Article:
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Preparing Your Business and Employees for Furlough

Tuesday, March 24, 2020
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Authored by Robert Bernstein and Elizabeth Rice, Laner Muchin

You may experience a slowdown in business due to the COVID-19 pandemic, but still wish to keep your employees working in some capacity. 

If that is the case, your best option may be to furlough your employees, by reducing their work hours or days.  A furlough can be temporary or permanent.

Employer Intent: Furlough is a good option for employers who wish to keep their employees after returning to normal business operations, but who do not have the ability or means to keep their employees working normal hours.
 
Notice to Employees:  The federal WARN Act (covering employers with 100 or more full-time employees) creates an obligation in certain circumstances to give notice when employees are laid off or face a reduction in hours.  However, the Act includes an exception from the notice requirement for unforeseen business circumstances, which most likely would include circumstances like COVID-19.  While the Illinois state WARN Act does not contain this exception, many state Departments of Labor have stated, informally, that COVID-19 will except employers from the notice requirement.  Due to the uncertainty here, provided that your personnel action is governed by the federal WARN or the Illinois state WARN Act (or a different state’s WARN Act), we recommend giving as much notice to employees as possible under the business circumstances.  Employees should receive written notice, identifying the date on which the furlough expires (where applicable and if known at the time) and explaining the reason why less than 60 days’ notice was given.  It is very important in this furlough (or any of the other scenarios below) that you consult with your labor and employment counsel to evaluate whether a WARN statute applies to the personnel actions you are thinking about taking.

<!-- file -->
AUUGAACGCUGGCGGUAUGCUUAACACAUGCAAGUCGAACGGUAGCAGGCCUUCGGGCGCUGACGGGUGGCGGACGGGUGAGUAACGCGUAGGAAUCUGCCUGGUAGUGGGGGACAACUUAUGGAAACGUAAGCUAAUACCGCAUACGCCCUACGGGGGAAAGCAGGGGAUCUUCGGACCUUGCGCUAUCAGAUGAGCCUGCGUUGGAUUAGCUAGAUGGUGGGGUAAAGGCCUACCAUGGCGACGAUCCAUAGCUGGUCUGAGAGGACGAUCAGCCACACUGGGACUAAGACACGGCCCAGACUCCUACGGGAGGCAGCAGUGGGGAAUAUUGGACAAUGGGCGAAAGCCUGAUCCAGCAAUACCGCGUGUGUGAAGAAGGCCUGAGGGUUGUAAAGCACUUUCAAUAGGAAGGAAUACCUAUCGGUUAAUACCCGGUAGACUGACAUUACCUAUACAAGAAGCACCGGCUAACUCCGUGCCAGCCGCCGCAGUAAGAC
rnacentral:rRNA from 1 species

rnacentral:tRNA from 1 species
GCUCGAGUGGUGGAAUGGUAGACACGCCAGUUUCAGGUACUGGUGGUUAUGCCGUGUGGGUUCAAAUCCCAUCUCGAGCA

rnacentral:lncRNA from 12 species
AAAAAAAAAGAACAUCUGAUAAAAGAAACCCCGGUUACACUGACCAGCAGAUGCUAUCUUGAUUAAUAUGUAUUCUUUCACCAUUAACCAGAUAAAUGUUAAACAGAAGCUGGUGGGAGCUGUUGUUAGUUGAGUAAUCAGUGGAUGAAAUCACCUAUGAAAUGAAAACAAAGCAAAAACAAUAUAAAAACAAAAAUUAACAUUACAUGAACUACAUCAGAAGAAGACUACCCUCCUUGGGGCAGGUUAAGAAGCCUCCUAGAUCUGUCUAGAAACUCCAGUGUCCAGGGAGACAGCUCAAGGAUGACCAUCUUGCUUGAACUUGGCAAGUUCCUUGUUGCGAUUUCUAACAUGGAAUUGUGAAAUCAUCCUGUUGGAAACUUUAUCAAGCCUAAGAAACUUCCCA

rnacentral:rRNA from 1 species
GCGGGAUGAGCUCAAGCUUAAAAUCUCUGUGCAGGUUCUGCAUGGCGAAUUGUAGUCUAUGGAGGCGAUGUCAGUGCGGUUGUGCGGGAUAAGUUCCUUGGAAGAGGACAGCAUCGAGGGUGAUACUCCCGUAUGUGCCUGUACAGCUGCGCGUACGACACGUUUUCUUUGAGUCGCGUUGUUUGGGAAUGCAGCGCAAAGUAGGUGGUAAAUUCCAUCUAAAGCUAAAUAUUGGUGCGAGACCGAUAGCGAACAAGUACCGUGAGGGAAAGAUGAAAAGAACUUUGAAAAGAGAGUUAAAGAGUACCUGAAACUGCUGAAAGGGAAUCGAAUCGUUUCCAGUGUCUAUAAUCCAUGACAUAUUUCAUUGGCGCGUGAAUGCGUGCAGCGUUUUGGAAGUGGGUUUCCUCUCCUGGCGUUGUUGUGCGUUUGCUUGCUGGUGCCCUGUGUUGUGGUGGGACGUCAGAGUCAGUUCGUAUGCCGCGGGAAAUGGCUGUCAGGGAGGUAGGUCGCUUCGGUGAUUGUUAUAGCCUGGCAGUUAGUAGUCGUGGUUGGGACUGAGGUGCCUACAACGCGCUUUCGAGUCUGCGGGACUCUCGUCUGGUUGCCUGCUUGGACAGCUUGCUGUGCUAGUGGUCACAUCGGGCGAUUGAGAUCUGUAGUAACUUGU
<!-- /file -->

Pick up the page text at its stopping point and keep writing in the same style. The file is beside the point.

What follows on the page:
Benefits:  Consult your group health insurance plan documents to determine if there is a minimum hours requirement for coverage or an option for continued coverage when the requirement is not met.  Also consult your insurance broker/consultant for more details, as many carriers have relaxed their contract provisions.  Depending on the answer here, you may need to inform employees of the availability of COBRA benefits to maintain insurance coverage while on furlough. For employers who use a “look back” measurement method for purposes of the Affordable Care Act’s employer mandate rules, eligibility and coverage may need to be maintained until the end of the then-current “stability period.”  If you wish to change your plan to provide benefits to employees during a furlough, you should consult your insurance carrier and/or stop-loss coverage provider first so as to avoid the possibility of the carrier later denying the claims. Additionally, employees may be eligible for partial unemployment insurance benefits to make up for the reduction in work hours.  In Illinois, the one-week waiting period for unemployment benefits has been waived given the COVID-19 pandemic.  Employers should notify their employees that they can apply for these unemployment benefits at the time they communicate the furlough decision.  Finally, under the FFCRA, an employer with fewer than 500 employees may have to provide employees with paid sick leave benefits of up to 14 days and paid leave under the FMLA for qualifying COVID-19 reasons.